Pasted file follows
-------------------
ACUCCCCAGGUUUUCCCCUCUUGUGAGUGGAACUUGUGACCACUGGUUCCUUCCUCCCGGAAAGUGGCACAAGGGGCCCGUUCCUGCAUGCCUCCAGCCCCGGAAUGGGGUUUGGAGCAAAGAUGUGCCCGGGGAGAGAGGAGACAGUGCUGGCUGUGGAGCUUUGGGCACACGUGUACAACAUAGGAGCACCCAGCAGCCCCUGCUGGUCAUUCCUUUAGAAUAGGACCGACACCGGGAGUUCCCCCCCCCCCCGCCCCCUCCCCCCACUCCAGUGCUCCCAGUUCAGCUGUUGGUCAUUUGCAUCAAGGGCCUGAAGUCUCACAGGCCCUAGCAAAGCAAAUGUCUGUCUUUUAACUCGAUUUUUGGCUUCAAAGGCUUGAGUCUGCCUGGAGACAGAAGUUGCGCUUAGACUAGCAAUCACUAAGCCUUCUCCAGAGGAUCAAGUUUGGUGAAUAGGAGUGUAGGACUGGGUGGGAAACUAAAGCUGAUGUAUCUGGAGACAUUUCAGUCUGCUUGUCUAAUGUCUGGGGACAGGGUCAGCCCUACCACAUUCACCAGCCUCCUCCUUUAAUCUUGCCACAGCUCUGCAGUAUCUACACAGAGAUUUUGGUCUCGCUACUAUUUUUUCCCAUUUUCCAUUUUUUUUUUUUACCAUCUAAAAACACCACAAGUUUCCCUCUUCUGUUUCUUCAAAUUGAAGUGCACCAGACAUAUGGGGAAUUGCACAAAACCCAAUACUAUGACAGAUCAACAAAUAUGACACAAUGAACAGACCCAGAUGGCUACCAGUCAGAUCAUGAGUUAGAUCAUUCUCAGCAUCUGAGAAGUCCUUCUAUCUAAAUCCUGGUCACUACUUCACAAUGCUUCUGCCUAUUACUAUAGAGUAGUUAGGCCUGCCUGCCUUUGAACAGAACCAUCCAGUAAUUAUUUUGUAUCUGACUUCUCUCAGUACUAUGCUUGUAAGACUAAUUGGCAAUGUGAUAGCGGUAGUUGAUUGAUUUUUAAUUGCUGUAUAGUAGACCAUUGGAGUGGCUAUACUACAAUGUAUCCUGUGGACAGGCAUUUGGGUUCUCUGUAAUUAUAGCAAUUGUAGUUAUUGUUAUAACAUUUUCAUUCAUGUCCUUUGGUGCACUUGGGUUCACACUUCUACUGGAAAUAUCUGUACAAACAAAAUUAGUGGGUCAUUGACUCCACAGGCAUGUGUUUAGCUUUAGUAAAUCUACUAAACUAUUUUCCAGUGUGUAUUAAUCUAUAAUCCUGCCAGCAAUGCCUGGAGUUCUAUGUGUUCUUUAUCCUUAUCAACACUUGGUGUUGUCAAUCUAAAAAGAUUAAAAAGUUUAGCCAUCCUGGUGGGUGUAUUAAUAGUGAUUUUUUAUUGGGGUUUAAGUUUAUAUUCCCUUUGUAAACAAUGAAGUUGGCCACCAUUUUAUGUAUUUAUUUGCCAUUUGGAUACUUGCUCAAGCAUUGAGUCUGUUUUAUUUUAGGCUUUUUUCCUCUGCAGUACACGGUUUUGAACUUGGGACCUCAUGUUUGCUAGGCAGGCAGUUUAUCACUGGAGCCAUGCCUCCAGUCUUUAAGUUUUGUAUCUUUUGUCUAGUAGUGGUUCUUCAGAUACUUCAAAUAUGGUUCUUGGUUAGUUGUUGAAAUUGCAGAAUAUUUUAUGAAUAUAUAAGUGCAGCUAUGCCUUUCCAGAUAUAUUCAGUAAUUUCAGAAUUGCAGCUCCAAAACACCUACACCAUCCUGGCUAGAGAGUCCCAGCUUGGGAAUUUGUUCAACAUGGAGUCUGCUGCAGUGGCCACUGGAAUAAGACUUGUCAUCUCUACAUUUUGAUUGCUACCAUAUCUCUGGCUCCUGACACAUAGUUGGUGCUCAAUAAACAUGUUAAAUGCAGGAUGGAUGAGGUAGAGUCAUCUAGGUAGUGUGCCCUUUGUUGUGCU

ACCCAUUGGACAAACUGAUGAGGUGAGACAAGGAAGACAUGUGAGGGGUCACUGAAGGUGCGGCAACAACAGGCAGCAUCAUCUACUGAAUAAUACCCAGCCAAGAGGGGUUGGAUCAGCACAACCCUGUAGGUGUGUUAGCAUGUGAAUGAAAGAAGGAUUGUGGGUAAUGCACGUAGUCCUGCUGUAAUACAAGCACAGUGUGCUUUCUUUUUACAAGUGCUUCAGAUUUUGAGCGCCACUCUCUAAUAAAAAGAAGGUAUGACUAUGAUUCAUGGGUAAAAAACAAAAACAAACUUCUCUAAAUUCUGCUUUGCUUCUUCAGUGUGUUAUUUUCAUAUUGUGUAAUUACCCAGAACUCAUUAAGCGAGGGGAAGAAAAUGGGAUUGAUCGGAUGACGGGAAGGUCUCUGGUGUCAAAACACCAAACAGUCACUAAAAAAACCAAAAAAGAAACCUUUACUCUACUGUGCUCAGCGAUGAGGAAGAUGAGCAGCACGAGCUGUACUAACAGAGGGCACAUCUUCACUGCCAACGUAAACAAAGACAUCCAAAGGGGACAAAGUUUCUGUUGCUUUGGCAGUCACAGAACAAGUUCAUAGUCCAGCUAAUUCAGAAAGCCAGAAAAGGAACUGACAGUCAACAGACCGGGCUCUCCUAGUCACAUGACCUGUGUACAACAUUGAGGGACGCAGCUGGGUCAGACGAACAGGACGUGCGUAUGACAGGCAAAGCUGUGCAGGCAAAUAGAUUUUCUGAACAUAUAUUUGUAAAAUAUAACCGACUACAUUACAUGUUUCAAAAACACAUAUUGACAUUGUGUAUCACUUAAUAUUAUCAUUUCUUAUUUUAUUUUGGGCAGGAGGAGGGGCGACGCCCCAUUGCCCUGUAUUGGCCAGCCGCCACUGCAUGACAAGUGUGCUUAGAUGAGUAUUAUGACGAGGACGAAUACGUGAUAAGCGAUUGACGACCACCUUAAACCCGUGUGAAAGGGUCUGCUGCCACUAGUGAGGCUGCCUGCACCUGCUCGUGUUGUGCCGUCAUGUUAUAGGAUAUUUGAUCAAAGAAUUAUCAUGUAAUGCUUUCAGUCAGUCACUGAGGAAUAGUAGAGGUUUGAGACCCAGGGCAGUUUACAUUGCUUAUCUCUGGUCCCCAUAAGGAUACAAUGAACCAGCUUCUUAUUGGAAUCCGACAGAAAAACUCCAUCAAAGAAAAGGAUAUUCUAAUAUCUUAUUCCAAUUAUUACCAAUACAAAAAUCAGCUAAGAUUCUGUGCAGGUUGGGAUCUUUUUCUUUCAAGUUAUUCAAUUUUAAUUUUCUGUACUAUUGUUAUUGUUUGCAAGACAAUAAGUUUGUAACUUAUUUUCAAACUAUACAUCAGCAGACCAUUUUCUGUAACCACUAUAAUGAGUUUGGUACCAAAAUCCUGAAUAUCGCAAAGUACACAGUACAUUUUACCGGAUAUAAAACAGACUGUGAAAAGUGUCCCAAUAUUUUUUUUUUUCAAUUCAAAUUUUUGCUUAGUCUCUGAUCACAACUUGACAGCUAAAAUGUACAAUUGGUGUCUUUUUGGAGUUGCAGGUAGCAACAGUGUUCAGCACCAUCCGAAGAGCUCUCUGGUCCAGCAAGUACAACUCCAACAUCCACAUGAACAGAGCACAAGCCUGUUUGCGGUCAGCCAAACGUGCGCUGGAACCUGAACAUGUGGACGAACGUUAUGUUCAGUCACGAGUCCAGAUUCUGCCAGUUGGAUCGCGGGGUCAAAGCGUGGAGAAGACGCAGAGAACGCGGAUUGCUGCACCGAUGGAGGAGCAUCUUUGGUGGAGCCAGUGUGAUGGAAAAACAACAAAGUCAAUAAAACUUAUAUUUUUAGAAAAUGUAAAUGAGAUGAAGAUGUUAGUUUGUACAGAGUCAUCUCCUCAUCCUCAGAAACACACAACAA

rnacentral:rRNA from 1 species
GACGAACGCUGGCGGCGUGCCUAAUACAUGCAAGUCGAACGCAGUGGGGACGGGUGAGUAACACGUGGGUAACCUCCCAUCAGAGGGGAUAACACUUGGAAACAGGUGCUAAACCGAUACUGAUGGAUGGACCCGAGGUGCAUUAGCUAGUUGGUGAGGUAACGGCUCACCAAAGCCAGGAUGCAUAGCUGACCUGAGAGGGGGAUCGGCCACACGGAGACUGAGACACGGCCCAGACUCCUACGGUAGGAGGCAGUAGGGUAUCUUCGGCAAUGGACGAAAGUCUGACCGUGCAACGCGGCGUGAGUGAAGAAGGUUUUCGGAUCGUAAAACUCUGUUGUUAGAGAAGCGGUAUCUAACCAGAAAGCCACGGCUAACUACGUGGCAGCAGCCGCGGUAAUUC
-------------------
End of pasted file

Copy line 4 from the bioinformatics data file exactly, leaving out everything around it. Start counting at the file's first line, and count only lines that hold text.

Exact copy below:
GACGAACGCUGGCGGCGUGCCUAAUACAUGCAAGUCGAACGCAGUGGGGACGGGUGAGUAACACGUGGGUAACCUCCCAUCAGAGGGGAUAACACUUGGAAACAGGUGCUAAACCGAUACUGAUGGAUGGACCCGAGGUGCAUUAGCUAGUUGGUGAGGUAACGGCUCACCAAAGCCAGGAUGCAUAGCUGACCUGAGAGGGGGAUCGGCCACACGGAGACUGAGACACGGCCCAGACUCCUACGGUAGGAGGCAGUAGGGUAUCUUCGGCAAUGGACGAAAGUCUGACCGUGCAACGCGGCGUGAGUGAAGAAGGUUUUCGGAUCGUAAAACUCUGUUGUUAGAGAAGCGGUAUCUAACCAGAAAGCCACGGCUAACUACGUGGCAGCAGCCGCGGUAAUUC